University of Nottingham, UK
In the current climate of education reform in the US and UK it is often assumed by policy makers that the teaching and learning of arts subjects is a ‘soft’ option. For example, David Willetts, the universities minister in Britain, claimed in August 2011 that ‘classic’ A level subjects should be valued at a higher place on the university points tally than subjects such as dance and media studies. Yet if Willetts had looked at his television screen during that month he may have noticed the riots engulfing London and other urban centres in England, and may have found that the language of some of those non-classic subjects may have helped him to understand what was happening.
In particular, the language of theatre and performance anticipated the very rhetoric that Britain’s MPs and opinion formers used when debating the causes of the riots. Those right-wing MPs and journalists who have queued up to condemn the ‘feral’ instincts of the looters needed to look no further than Euripides. In 405BCE the theatre of Dionysus in Athens premiered his play The Bacchae. In this drama a group of people rage into a riotous and bloody frenzy, which culminates in one man being brutally decapitated by a gang that includes his own, unknowing, mother. They rip him apart and kick parts of him around like a football.
Only once the slaughter and frenzy is over do the rioters realise what they have done. At the time, they engaged in these activities for very little reason. Why does the murder happen? Don’t ask the murderer: she is simply caught up in the moment. There is no rationality behind the rioters’ thinking, only an animal thrill of rampage and disorder.
In the riots that England witnessed in summer 2011, a surprising assortment of schoolteachers, university students and others from well-heeled places have been arrested and charged. These people – it has been argued – have no reason to protest, and are simply obeying an innate instinct for disorder and theft. In any case, what kind of rational protest involves looting trainers from JD Sports? Only shocking such people into the realisation of what they have done – with water cannon, baton charges, the withdrawal of benefits, and imprisonment – will make them see sense.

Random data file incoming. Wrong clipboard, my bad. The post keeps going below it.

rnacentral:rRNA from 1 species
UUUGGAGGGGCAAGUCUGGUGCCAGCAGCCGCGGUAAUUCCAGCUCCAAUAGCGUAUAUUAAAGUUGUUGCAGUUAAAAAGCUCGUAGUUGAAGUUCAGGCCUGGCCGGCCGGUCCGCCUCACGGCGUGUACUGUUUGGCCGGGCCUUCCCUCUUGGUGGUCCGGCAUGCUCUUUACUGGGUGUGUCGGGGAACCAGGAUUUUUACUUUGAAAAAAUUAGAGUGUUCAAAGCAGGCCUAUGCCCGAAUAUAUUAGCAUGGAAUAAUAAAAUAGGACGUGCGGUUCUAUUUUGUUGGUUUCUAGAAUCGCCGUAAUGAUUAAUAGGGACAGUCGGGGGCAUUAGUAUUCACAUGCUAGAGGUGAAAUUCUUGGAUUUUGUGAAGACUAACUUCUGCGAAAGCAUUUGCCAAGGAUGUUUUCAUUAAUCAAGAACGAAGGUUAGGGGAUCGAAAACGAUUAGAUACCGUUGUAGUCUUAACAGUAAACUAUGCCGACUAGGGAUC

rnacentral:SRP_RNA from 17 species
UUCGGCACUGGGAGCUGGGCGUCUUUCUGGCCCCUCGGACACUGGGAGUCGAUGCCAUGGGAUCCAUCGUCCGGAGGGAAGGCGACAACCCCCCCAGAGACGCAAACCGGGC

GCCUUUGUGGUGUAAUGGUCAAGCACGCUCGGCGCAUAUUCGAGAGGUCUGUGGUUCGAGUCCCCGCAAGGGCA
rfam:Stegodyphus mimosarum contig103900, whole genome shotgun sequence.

However, those on the political left reiterated some of the arguments outlined not by Euripides, but by G.B. Shaw, who in 1933 wrote a play called On The Rocks. In Shaw’s play a coalition government in Britain faces the problem of public unrest, massive unemployment, and the rise of right-wing sentiment spreading across continental Europe. A British prime minister tries to work out what to do about a lawless mob of protestors in the streets of London, but lacks the philosophical resources to deal with the problem adequately: the only question that the leader asks is how to disperse the protesting crowds. As he hides in Downing Street, attempting to avoid any confrontation with the general public, the prime minister singularly fails to enquire about what has caused the crowds to be there in the first place. There are always troublemakers in any society – but why has this happened here and now? What has disturbed the delicate ecosystem of societal rewards and benefits to result in this outcome? As G.B. Shaw pointed out in the 1930s, any politician who is unwilling to deal with the underlying political issues ought to move out of the way and let someone else come along.
The problem with that idea is, who exactly would come along? For Shaw – who shared friendships with both Oswald Mosley and Stalin – democratic governments inevitably looked inadequate and shambling when faced by crowds in the streets. So what was Shaw’s solution in at the start of that dark decade? Insanely, he thought that the only way out was a strong dictator.
We may think that surely we could not repeat the disasters of that era again. And yet, as I write this at the end of August 2011, white vigilant groups have marched through parts of London, and the third most popular comment piece on the Daily Telegraph’s website is Enoch Powell’s 1968 ‘Rivers of Blood’ speech, with its noxious warning that ‘the black man will have the whip hand over the white man’.
I think I’m generally closer to Shaw than Euripides, but I hope I’m not too close.